Obama Doesn't Fulfill Martin Luther King's Dream

As we approached the 2008 presidential election, mention was made again and again of how Obama's election would be "the fulfillment of Martin Luther King Jr.'s ‘I have a Dream' speech." Representative John Lewis (D-GA) said just that on FoxNews on August 28, 2008, the 45th anniversary of King's famous speech. And Obama did his part to bolster this theory by accepting the Democratic nomination on August 28 -- the very day on which King gave his speech. He then provided news outlets with photo-op after photo-op on the steps of the Lincoln Memorial just days before his inauguration -- the very steps on which King gave his speech. However, Obama's election doesn't fulfill King's speech because it doesn't fulfill King's dream.

When King gave that famous speech in 1963 he said: "I have a dream that my four little children will one day live in a nation where they will not be judged by the color of their skin but by the content of their character." King looked forward to a day when the first question asked wouldn't be "What color are you?" but rather "What qualifications do you have?" Yet today, even with the election of Obama, it is obvious that the Democratic Party -- the very party that purports to be King's standard-bearer -- has traded this colorblind standard for one rooted in race over substance. And the mainstream media is right there with them. As Bernard Goldberg said in his latest book on the love affair between Obama and the media, "Mainstream journalists always root for the Democrat," but Obama was especially attractive to them because of "his personal charisma, his liberalism, and of course, the fact that he is black." Goldberg even summed up the mainstream media's pre-election position on Obama this way: "We need the black guy to win because he's black."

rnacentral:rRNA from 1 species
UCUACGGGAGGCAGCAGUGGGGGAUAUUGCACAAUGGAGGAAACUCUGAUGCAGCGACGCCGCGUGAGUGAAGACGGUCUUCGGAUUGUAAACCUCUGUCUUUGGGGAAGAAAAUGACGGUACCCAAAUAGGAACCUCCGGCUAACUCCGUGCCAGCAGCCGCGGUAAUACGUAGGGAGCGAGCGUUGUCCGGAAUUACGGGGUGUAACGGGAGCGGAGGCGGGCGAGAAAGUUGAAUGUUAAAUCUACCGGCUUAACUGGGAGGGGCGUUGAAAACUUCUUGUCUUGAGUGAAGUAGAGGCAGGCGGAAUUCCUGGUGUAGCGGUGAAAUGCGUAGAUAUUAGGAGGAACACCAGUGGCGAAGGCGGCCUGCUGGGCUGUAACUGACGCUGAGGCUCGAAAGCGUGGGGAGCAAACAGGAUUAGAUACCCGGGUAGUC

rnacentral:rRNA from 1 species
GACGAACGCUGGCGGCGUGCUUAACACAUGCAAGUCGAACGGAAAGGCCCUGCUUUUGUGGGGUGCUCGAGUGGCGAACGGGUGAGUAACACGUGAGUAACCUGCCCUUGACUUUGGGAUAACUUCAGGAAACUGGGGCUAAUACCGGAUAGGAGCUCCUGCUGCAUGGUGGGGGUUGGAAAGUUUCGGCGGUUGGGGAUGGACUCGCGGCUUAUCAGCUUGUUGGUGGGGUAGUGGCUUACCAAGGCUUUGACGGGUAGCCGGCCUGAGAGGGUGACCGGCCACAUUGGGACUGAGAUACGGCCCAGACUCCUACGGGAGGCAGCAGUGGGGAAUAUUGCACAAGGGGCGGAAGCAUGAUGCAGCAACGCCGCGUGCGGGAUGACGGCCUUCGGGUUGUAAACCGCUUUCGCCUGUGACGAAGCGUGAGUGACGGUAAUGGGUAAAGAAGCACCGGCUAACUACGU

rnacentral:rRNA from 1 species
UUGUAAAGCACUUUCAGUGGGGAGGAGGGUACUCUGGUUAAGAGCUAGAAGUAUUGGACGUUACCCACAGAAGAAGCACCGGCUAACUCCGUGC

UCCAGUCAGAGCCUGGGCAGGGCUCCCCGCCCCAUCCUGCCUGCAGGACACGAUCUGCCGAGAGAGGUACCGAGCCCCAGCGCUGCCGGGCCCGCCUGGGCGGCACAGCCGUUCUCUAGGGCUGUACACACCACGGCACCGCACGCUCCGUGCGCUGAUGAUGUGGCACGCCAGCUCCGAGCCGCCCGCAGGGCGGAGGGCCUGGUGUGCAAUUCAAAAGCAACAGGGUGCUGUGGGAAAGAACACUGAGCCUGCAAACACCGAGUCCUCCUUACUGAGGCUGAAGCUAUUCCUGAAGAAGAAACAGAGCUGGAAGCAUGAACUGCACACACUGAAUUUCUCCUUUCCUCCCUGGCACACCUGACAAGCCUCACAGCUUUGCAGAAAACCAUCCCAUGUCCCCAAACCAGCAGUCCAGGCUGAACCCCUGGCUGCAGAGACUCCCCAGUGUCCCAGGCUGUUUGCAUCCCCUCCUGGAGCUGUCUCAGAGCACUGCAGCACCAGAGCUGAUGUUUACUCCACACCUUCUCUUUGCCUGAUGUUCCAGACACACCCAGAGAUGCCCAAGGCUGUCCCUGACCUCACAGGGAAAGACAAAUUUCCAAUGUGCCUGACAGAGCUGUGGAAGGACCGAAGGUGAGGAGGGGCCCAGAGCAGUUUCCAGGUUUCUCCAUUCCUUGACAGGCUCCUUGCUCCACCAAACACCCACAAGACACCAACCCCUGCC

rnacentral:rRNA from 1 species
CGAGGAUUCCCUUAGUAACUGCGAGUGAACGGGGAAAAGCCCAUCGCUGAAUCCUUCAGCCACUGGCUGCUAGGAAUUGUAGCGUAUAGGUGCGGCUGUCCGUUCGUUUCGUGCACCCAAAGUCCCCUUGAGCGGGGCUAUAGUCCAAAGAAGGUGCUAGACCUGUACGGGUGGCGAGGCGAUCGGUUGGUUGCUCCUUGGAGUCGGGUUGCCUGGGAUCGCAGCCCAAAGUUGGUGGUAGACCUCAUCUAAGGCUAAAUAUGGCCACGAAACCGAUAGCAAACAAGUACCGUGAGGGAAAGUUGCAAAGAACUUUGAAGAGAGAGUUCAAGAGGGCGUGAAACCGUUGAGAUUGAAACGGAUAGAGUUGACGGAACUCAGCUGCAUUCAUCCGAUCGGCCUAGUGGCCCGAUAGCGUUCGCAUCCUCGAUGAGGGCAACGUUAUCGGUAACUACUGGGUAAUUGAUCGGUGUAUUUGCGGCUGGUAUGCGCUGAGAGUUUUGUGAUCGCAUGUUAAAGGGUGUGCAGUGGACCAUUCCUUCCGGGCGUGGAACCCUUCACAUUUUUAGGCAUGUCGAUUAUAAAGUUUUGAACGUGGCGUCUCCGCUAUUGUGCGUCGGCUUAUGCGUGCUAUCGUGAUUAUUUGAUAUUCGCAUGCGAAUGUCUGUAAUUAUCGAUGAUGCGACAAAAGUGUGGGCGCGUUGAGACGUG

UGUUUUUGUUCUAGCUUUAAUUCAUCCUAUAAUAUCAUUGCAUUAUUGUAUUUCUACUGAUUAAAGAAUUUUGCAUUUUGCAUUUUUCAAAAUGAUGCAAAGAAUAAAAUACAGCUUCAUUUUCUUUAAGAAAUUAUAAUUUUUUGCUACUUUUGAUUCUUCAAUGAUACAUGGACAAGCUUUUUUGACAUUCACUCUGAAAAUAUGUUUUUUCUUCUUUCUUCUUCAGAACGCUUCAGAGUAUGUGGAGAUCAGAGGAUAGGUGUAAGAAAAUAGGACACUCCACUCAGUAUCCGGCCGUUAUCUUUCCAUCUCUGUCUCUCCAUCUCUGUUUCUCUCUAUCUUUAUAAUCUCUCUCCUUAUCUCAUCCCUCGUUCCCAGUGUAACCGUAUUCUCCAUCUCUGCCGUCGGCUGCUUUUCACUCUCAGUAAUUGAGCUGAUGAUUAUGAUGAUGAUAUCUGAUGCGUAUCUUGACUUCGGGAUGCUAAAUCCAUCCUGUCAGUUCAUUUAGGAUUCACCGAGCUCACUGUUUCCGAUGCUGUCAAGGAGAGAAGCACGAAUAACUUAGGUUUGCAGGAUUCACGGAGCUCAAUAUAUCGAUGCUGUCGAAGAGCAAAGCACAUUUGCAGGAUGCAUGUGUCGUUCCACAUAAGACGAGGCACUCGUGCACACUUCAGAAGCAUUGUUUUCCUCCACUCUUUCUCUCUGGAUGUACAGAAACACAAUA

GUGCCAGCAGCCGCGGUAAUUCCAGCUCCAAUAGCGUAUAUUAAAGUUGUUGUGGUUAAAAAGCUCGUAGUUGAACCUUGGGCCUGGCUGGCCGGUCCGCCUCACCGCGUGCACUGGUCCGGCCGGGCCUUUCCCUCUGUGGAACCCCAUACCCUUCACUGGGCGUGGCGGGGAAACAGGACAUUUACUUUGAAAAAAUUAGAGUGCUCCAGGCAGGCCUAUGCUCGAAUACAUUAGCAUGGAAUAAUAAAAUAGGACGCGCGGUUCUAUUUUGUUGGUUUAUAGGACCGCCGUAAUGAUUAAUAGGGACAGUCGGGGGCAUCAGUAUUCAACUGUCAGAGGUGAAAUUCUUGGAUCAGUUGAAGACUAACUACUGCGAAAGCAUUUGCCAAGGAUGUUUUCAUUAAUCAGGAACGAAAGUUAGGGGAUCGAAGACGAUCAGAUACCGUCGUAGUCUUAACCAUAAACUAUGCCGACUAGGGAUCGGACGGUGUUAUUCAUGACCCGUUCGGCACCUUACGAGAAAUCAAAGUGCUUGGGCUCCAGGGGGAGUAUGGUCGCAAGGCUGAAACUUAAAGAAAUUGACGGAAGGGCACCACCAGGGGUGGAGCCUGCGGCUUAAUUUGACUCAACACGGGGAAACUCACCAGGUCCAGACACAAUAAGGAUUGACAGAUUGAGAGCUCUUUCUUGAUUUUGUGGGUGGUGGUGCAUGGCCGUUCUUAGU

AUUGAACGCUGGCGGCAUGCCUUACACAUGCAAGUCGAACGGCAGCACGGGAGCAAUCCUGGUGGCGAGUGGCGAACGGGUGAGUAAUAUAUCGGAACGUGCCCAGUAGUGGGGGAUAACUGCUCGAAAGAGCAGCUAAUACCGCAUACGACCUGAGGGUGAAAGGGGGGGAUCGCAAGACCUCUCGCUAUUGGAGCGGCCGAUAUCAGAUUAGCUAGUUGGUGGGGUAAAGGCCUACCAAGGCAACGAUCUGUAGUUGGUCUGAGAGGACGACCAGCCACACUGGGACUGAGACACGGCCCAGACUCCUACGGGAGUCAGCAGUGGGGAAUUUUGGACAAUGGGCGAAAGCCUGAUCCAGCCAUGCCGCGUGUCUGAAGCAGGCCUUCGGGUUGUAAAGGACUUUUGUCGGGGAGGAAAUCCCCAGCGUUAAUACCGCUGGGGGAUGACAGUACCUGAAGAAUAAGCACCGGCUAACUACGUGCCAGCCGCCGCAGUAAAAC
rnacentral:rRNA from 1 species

Thus, once Obama was elected, mainstream media outlets of almost every shape and size gleefully reported that we'd elected our "first African-American President." And while there's nothing wrong with noticing that Obama is black, there is certainly something wrong with emphasizing his skin color over his qualifications, or at least Martin Luther King Jr. would have thought so. For example, as early as December 7, 2007, Matt Taibbi of Rolling Stone magazine anticipated Obama's victory and noted that "it would be great to have a black president. It would be great for kids to see. It would be a nice mind shift."

Am I the only person who asks "why" when they read this? Why would a president of a particular color necessarily be great for kids to see, whether that color is black, yellow, red, or white? And how does electing a black president represent "a nice mind shift" if the shift is from a president who believed in personal liberty (George W. Bush) to one who believes in government control over so many facets of life (Barack Obama)?